Think of a switch from windows to linux in a corpo environment. Mostly the same problem.

Maybe the problem is OS agnostic and is called “change”.

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To be honest: I know some ppl that use windows at home as a main driver, have minimal linux experience and will absolutely destroy any webapp thrown at them. Linux or qubes knowledge != being a good professional in the infosec sphere per se. Use the tools you are familiar with (in a secure way), the end result matters.

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To be honest: I know some ppl that use windows at home as a main driver, have minimal linux experience and will absolutely destroy any webapp thrown at them. Linux or qubes knowledge != being a good professional in the infosec sphere per se. Use the tools you are familiar with (in a secure way), the end result matters.

This.
This is why I use OpenBSD more than QubesOS for security and other work-related stuff. I’m simply more familiar with OpenBSD, it’s easier for me to use and configure for my needs and to be comfortable with it.
What HardcodedNonce said. The end results mater, and that’s the OS that allows me to make the best results.

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It would be helpful to name some examples of “best end results”, so we could judge it through Qubes OS security concept prism.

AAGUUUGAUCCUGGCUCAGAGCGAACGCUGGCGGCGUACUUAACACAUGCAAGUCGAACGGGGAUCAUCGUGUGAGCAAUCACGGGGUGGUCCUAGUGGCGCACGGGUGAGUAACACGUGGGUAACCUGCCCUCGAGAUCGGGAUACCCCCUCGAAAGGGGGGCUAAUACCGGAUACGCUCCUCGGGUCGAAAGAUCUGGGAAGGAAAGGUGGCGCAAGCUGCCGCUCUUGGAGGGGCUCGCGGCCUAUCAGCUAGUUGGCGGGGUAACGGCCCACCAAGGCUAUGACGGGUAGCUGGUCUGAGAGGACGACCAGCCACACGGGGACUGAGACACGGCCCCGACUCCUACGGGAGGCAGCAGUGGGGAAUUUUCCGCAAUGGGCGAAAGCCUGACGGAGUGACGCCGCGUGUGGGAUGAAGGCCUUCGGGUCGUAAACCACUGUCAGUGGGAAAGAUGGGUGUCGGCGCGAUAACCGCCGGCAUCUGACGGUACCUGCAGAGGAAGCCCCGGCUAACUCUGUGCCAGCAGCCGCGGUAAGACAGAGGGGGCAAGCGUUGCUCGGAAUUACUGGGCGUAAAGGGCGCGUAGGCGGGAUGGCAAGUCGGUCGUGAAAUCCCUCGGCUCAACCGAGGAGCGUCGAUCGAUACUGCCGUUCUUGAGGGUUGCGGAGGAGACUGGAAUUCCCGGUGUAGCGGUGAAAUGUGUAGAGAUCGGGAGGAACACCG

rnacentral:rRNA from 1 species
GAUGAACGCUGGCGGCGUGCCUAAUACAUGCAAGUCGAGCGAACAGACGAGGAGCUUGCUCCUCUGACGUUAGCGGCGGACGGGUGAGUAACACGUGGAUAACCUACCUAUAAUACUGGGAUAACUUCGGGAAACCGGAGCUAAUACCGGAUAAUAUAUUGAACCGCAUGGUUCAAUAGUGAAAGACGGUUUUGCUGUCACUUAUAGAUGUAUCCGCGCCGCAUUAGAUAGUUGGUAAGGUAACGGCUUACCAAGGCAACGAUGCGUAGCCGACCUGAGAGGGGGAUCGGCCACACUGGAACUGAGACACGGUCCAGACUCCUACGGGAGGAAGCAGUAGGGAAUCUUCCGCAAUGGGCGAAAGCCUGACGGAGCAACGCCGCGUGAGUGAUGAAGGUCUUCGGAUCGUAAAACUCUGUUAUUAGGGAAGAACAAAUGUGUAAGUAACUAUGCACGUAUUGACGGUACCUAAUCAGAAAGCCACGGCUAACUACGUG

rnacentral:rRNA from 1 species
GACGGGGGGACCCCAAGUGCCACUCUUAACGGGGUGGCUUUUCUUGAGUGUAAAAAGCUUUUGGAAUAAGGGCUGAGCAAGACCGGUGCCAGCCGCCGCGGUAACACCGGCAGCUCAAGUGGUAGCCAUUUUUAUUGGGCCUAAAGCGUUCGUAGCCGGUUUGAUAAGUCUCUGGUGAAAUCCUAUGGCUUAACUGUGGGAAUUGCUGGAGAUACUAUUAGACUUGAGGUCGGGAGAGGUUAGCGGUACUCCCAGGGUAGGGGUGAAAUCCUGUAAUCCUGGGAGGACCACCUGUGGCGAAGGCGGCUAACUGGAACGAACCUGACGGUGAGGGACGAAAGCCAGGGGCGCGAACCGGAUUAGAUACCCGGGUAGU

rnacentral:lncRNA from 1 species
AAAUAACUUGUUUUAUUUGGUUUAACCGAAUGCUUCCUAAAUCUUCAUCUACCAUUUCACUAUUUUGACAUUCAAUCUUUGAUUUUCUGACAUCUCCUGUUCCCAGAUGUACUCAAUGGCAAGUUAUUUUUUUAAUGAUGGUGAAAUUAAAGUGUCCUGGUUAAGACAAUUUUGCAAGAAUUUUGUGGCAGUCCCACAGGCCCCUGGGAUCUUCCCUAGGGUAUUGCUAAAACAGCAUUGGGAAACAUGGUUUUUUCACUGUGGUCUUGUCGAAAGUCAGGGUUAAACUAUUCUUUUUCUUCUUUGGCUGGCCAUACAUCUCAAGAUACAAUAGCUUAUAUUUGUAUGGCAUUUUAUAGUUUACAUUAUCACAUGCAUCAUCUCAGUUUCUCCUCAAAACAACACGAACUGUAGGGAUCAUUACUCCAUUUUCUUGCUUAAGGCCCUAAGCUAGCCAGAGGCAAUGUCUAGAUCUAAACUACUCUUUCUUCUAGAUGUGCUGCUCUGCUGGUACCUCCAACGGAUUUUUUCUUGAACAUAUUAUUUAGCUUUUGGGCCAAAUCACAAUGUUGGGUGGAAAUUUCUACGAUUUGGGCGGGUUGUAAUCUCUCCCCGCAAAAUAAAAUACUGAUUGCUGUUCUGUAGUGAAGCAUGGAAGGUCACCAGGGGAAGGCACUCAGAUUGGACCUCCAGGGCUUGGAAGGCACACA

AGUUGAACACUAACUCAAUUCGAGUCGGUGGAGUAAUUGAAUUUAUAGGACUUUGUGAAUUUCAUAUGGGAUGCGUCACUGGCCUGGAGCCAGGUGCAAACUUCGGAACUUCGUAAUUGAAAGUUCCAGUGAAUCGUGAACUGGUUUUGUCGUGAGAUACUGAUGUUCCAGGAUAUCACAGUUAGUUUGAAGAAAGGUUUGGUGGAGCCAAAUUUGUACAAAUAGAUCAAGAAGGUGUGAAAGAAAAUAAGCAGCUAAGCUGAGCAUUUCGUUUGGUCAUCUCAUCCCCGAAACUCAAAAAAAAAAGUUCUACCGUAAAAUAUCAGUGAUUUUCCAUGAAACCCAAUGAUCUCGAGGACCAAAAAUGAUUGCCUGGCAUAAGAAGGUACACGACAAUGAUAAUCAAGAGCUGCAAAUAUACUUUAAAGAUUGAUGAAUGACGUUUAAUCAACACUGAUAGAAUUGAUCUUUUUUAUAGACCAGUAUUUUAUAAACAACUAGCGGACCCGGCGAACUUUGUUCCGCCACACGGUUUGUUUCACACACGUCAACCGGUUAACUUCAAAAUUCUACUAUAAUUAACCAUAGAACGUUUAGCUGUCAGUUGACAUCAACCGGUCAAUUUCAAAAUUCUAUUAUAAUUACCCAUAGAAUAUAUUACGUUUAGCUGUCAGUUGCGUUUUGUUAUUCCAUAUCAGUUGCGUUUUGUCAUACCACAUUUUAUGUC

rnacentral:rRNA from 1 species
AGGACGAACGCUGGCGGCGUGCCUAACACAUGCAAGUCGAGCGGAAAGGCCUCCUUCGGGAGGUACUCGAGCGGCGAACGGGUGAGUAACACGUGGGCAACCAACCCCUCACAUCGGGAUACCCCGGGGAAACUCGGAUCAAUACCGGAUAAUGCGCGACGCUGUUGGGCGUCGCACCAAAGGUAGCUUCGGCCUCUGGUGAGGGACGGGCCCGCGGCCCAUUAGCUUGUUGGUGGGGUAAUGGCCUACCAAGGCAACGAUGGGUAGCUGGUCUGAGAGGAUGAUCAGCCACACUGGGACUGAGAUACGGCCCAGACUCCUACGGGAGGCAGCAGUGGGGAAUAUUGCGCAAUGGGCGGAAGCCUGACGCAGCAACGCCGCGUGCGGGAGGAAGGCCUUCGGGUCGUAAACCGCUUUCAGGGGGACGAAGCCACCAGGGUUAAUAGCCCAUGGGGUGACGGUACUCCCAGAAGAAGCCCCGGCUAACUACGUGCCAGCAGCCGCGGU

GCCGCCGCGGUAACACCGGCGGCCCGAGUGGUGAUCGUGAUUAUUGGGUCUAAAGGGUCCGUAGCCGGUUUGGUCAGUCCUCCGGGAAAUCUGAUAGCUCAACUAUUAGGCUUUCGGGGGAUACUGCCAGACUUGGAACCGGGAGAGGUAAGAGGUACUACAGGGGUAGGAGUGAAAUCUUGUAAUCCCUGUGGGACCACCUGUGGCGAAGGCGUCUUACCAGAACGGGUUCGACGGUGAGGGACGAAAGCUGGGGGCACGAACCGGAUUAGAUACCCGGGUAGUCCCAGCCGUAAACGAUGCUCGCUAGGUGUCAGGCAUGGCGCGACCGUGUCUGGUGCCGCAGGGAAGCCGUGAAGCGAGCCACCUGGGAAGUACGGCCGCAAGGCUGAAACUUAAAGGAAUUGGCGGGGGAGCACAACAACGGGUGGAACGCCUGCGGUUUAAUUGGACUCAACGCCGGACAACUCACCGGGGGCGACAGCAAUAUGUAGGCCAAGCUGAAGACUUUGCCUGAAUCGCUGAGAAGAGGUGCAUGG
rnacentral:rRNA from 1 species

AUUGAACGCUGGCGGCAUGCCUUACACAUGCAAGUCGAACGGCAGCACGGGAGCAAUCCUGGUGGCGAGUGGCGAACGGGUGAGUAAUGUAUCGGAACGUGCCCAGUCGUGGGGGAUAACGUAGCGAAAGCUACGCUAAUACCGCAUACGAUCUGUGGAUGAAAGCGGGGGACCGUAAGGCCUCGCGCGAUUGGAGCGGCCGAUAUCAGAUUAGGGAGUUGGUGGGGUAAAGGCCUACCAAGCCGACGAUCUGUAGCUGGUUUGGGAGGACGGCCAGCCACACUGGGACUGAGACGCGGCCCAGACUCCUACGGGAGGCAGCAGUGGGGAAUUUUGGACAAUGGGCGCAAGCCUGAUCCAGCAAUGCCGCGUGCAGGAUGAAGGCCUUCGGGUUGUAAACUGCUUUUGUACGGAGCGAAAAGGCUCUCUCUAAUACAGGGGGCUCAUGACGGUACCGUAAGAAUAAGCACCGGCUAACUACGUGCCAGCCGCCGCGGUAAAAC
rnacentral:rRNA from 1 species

I’ve been asking myself the same question. In my opinion there are two main reasons:
(1) It is inconvenient to try Qubes OS, because it requires bare metal to run.
(2) If one has a bare metal machine to try Qubes OS, chances are that the experience won’t be good. It is already challenging to find a laptop with good Linux support and even harder to find one with good Qubes OS support.

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“cybersecurity professionals” is broad, they could be people trained to use some tooling in a given environment, I know many of those who don’t really care about security, they just got a training and a job and they’re done with IT outside this scope. (I’m not blaming anyone here, to be clear).

In my opinion, Qubes OS is more appealing to security enthusiasts who actually care about security in general, and usually care about their own data.

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I can’t agree more. It’s said very accurately.